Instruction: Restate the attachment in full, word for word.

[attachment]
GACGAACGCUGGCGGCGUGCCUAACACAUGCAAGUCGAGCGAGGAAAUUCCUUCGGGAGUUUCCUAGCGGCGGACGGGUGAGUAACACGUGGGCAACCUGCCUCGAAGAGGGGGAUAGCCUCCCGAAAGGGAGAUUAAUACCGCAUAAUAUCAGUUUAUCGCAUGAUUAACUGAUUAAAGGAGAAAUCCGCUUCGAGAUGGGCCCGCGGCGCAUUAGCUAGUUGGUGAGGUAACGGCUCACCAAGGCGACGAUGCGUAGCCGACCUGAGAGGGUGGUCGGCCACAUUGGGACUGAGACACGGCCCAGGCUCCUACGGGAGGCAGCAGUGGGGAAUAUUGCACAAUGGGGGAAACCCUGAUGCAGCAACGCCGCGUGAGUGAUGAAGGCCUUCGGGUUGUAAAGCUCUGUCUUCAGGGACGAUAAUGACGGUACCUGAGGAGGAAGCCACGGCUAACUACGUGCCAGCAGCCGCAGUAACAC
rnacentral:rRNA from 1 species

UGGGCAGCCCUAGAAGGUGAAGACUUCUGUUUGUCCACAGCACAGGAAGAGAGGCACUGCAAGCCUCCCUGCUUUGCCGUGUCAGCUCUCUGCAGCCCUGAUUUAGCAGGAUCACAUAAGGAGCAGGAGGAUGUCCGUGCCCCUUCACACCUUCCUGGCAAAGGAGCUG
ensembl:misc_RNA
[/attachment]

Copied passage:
GACGAACGCUGGCGGCGUGCCUAACACAUGCAAGUCGAGCGAGGAAAUUCCUUCGGGAGUUUCCUAGCGGCGGACGGGUGAGUAACACGUGGGCAACCUGCCUCGAAGAGGGGGAUAGCCUCCCGAAAGGGAGAUUAAUACCGCAUAAUAUCAGUUUAUCGCAUGAUUAACUGAUUAAAGGAGAAAUCCGCUUCGAGAUGGGCCCGCGGCGCAUUAGCUAGUUGGUGAGGUAACGGCUCACCAAGGCGACGAUGCGUAGCCGACCUGAGAGGGUGGUCGGCCACAUUGGGACUGAGACACGGCCCAGGCUCCUACGGGAGGCAGCAGUGGGGAAUAUUGCACAAUGGGGGAAACCCUGAUGCAGCAACGCCGCGUGAGUGAUGAAGGCCUUCGGGUUGUAAAGCUCUGUCUUCAGGGACGAUAAUGACGGUACCUGAGGAGGAAGCCACGGCUAACUACGUGCCAGCAGCCGCAGUAACAC
rnacentral:rRNA from 1 species

UGGGCAGCCCUAGAAGGUGAAGACUUCUGUUUGUCCACAGCACAGGAAGAGAGGCACUGCAAGCCUCCCUGCUUUGCCGUGUCAGCUCUCUGCAGCCCUGAUUUAGCAGGAUCACAUAAGGAGCAGGAGGAUGUCCGUGCCCCUUCACACCUUCCUGGCAAAGGAGCUG
ensembl:misc_RNA